An apple a day may keep the reaper away, especially when enjoyed with a cup of hot tea. A new study finds that eating foods rich in flavonoids, a compound found in high concentrations in foods like apples and beverages such as tea, lowers one’s risk of death, particularly among heavy drinkers and smokers.
Researchers at Edith Cowan University’s School of Medical and Health Sciences studied diet data from more than 53,000 Danish citizens collected over 23 years.
Dr. Nicola Bondonno, the lead researcher of the study, said her team found that those who regularly ate flavonoid-rich foods saw a reduced risk of developing cancer and heart disease. This protective effect was the strongest for those with a high risk of chronic diseases because of smoking cigarettes and from drinking more than two alcoholic beverages per day.
“It’s important to consume a variety of different flavonoid compounds found in different plant based food and drink. This is easily achievable through the diet: one cup of tea, one apple, one orange, 100g of blueberries, and 100g of broccoli would provide a wide range of flavonoid compounds and over 500mg of total flavonoids, lead researcher Dr Nicola Bondonno said.
As for why these foods may be so beneficial, Dr. Bondonno says that flavonoids have anti-inflammatory effects and can improve blood vessel function.
While the research established an association between flavonoid consumption and lower risk of death, why this happens is still unclear, Dr Bondonno said.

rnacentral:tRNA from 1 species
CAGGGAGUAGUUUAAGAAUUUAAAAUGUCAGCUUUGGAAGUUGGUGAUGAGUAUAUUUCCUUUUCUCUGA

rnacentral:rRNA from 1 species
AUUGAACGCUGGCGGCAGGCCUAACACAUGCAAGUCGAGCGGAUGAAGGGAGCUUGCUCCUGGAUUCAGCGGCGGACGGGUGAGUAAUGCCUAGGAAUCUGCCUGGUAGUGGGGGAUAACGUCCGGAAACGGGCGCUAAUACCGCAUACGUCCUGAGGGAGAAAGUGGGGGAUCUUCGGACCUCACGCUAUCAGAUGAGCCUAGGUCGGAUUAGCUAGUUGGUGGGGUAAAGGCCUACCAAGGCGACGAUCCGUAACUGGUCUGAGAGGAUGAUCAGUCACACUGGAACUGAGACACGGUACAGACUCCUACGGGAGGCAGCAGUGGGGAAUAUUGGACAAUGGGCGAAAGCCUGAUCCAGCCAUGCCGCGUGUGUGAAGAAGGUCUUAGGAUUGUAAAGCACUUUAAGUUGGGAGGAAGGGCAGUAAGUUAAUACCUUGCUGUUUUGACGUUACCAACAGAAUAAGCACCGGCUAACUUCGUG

“Alcohol consumption and smoking both increase inflammation and damage blood vessels, which can increase the risk of a range of diseases,” she explained. “Flavonoids have been shown to be anti-inflammatory and improve blood vessel function, which may explain why they are associated with a lower risk of death from heart disease and cancer.”
Cannabis has already proven this before
We’ve been aware of the molecules known as flavonoids since 1985. However, due to strict regulation on cannabis research, work on these molecules has been limited. Now, thanks to Canada’s recent legalization of cannabis, scientists have been able to investigate them unhindered.
Those pain-relieving molecules in cannabis, called cannflavin A and cannflavin B, cut down on pain by fighting off inflammation but are not psychoactive.
“The problem with these molecules is they are present in cannabis at such low levels, it’s not feasible to try to engineer the cannabis plant to create more of these substances”.
As writer Christine Sismondo put it in the Star, “you’d have to consume Cheech and/or Chong levels for it to work as an effective anti-inflammatory.”
But work has already begun to produce it in larger quantities through synthetic production and we might see much more research related to these flavonoids in the future.
You can read more about the flavonoids in cannabis here: Scientists Unlock The Potential Of Marijuana’s Pain-Relieving Compounds